Making it real of sustaining a fantasy? Personal budgets for older people


The restructuring of English social care services in the last three decades, as services are provided through a shifting collage of state, for-profit and non-profit organisations, exemplifies many of the themes of governance (Bevir, 2013). As well as institutional changes, there have been a new set of elite narratives about citizen behaviours and contributions, undergirded by modernist social science insights into the wellbeing benefits of ‘self-management’ (Mol, 2008). In this article, we particularly focus on the ways in which a narrative of personalisation has been deployed in older people’s social care services. Personalisation is based on an espoused aspiration of empowerment and autonomy through universal implementation to all users of social care (encapsulated in the Making it Real campaign [Think Local, Act Personal (TLAP), no date)], which leaves unproblematised the ever increasing residualisation of older adult social care and the abjection of the frail (Higgs and Gilleard, 2015). In this narrative of universal personalisation, older people are paradoxically positioned as ‘the unexceptional exception’; ‘unexceptional’ in the sense that, as the majority user group, they are rhetorically included in this promised transformation of adult social care; but ‘the exception’ in the sense that frail older adults are persistently placed beyond its reach. It is this paradoxical positioning of older adult social care users as the unexceptional exception and its ideological function that we seek to explain in this article.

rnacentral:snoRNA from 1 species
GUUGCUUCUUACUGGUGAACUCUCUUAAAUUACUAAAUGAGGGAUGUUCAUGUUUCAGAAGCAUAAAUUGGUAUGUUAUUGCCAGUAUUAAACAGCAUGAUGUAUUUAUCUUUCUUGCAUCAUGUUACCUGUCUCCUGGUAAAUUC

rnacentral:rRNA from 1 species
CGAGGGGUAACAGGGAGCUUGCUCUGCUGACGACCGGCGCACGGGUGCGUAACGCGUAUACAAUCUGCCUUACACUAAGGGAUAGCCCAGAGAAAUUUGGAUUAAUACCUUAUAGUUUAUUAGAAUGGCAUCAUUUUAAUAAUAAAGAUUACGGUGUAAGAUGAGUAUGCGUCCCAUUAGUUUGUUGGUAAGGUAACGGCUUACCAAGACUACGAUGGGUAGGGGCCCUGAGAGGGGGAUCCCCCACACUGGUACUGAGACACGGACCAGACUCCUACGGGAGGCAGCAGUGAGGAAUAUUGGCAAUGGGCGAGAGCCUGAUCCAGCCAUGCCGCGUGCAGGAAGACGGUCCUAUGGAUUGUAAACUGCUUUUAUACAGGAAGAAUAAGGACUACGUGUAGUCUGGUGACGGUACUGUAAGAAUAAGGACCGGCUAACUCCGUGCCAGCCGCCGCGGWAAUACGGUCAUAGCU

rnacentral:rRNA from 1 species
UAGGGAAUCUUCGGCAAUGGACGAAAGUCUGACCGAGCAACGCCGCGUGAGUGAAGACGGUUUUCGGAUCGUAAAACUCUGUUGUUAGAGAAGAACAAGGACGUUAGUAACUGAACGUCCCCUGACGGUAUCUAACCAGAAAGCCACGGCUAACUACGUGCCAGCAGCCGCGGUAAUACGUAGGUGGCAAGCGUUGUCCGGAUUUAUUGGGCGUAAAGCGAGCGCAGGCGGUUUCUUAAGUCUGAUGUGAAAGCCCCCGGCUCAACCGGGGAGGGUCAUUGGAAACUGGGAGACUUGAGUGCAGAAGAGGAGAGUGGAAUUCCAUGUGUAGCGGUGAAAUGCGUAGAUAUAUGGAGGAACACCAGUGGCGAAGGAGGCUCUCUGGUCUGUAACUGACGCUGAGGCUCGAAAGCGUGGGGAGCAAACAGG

Publication DOI:
Divisions: College of Business and Social Sciences > School of Social Sciences & Humanities > Sociology and Policy
College of Business and Social Sciences > School of Social Sciences & Humanities > Aston Centre for Europe
College of Business and Social Sciences > School of Social Sciences & Humanities > Centre for Critical Inquiry into Society and Culture (CCISC)
Additional Information: © Emerald Publishing Limited, 2017.
Uncontrolled Keywords: Social welfare, Welfare state, Elderly people
Publication ISSN: 1758-6720
Last Modified: 11 Mar 2024 08:15
Date Deposited: 11 Oct 2016 09:30
PURE Output Type: Article
Published Date: 2017-11-01
Published Online Date: 2017-11-01
Accepted Date: 2016-07-20
Authors: West, Karen (ORCID Profile 0000-0002-9071-8002)
Needham, Catherine



Version: Accepted Version

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